Welcome to our Branding Lesson! Branding your farm is an important first step in establishing and communicating your story to your customers. Your brand is much more than just your logo; it is defined by all aspects of your farm’s communications - from your website and the labels you put on your produce to how you tell the story of your farm.

In this lesson we will help you think about how to build your brand and outline the various elements that can help you be recognizable to customers and stand out among the other vendors at the farmers market. We will incorporate examples from farms who are doing a great job with their branding. 


Your brand establishes your unique identity for customers. You’re more likely to succeed as a business if your customers know who you are, what your story is, and what sets you apart from other farms. You want customers to choose you to be their farmer, and you want them to keep coming back. You can help facilitate this relationship by having a clearly defined brand identity that helps them have a relationship with your farm, not just your food. 

Think about your brand in relation to your farm’s story and mission. Branding is conveyed through everything from your website, marketing materials, social media to your presence at the market. It’s both how you represent yourself visually and also how you talk about the farm to your customers. 

Defining your brand is like a journey of farm self-discovery. It requires you to step outside your daily routine and reflect on who you are, answering some basic questions like the ones listed below.

 What are your values?

 What is your farm’s personality? 

 What do you do best as a farmer? 

 What need are you fulfilling for your customers? 


(PDF includes more examples, taglines & a guide to finding the right designer for you!)


Your logo is the foundation of your brand, but don’t confuse having a logo with having a brand. A brand is the much broader character of your company across platforms and the way in which your customers ultimately think of you.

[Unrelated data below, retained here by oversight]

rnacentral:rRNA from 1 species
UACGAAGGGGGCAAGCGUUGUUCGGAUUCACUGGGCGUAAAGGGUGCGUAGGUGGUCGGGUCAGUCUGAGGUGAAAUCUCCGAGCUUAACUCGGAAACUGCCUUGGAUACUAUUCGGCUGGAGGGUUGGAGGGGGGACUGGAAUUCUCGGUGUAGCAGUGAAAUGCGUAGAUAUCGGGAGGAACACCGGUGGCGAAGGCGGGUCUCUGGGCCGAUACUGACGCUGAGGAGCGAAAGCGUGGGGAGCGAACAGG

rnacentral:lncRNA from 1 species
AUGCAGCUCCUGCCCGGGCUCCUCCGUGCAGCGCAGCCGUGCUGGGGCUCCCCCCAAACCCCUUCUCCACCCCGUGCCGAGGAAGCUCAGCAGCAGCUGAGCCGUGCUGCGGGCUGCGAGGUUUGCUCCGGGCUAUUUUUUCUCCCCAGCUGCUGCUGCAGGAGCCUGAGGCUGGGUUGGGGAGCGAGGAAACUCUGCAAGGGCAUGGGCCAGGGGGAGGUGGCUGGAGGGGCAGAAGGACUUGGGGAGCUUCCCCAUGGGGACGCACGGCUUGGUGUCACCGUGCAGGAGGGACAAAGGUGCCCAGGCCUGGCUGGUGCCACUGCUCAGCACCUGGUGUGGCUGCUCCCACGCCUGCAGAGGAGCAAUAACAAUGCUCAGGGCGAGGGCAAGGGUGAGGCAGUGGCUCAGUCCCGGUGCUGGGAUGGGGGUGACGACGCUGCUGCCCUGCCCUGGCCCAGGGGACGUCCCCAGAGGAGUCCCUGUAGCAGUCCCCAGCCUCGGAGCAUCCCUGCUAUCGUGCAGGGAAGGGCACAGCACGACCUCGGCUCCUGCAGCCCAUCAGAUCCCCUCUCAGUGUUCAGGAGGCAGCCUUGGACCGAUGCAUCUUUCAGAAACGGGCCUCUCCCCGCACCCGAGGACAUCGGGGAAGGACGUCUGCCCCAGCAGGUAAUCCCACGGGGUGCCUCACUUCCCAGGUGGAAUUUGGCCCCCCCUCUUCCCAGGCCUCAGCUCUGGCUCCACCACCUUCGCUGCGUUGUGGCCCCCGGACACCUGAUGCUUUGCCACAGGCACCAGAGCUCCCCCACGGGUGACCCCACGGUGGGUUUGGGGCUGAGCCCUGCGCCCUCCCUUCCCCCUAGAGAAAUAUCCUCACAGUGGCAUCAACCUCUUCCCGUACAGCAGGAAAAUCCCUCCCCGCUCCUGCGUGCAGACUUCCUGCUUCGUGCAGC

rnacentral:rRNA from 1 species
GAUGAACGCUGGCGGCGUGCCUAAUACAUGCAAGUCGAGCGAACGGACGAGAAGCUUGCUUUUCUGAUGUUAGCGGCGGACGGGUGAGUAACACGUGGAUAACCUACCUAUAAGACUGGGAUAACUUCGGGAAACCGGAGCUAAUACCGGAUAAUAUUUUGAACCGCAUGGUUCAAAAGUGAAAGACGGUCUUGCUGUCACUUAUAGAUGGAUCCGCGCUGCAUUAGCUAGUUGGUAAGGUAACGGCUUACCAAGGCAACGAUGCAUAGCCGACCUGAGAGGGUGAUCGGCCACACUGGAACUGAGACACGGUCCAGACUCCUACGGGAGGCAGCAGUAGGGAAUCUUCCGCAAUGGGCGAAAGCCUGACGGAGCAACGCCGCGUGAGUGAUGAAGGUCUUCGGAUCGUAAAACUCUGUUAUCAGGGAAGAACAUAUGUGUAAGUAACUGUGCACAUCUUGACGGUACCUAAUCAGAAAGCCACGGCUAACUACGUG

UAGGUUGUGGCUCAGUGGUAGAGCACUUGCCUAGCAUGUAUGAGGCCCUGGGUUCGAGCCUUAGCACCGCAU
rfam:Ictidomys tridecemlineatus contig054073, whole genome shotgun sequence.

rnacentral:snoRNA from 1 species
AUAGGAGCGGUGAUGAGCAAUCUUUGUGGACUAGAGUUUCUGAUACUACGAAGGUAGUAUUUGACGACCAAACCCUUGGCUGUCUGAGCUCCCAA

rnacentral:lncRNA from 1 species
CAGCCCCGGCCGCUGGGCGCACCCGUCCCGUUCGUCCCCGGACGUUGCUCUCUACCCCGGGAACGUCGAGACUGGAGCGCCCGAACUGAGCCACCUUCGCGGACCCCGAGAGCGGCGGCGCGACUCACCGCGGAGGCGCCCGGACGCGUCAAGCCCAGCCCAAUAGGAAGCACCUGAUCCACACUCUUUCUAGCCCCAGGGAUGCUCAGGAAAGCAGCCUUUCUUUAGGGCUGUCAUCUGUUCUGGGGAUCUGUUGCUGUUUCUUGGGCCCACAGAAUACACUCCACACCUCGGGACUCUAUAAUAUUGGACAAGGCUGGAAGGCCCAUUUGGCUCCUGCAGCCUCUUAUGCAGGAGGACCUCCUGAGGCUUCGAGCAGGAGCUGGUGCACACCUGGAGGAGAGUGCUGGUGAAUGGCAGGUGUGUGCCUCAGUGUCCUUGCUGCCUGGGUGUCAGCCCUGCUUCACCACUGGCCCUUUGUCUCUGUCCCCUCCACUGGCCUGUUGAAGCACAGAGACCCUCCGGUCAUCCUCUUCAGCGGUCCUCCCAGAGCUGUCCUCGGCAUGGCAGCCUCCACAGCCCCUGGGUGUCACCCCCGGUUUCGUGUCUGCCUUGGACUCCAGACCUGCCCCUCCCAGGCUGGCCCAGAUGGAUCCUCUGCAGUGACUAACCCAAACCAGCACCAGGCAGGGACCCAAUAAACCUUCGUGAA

Paul Rand,  who designed the IBM and UPS logos, among many others, once said that “a logo is a flag, a signature, an escutcheon, a street sign. A logo does not sell (directly), it identifies. A logo is rarely a description of a business. A logo derives meaning from the quality of the thing it symbolizes, not the other way around. A logo is less important than the product it signifies; what it represents is more important than what it looks like. The subject matter of a logo can be almost anything.”

Your logo is an important first step in signifying the character of a business. This visual element symbolizes the brand and can play a large role in establishing an emotional connection with the product. Your logo should be integrated into all elements of your communications (advertising, signage, website, social media, etc.). 


A good logo is distinctive, practical, simple in form and conveys the owner’s intended message.  A good logo can speak for itself. 



Good design is making something intelligible and memorable.
Great design is making something memorable and meaningful.

- Dieter Rams 

Brand Building Tip: 
Many designers start their work in black and white to ensure that their finished product always looks good, regardless of whether or not it has been printed in color. Regardless of how your designer works, request a black and white version of your logo before you sign off on the design. If the logo only works in color, you might want to reconsider the design.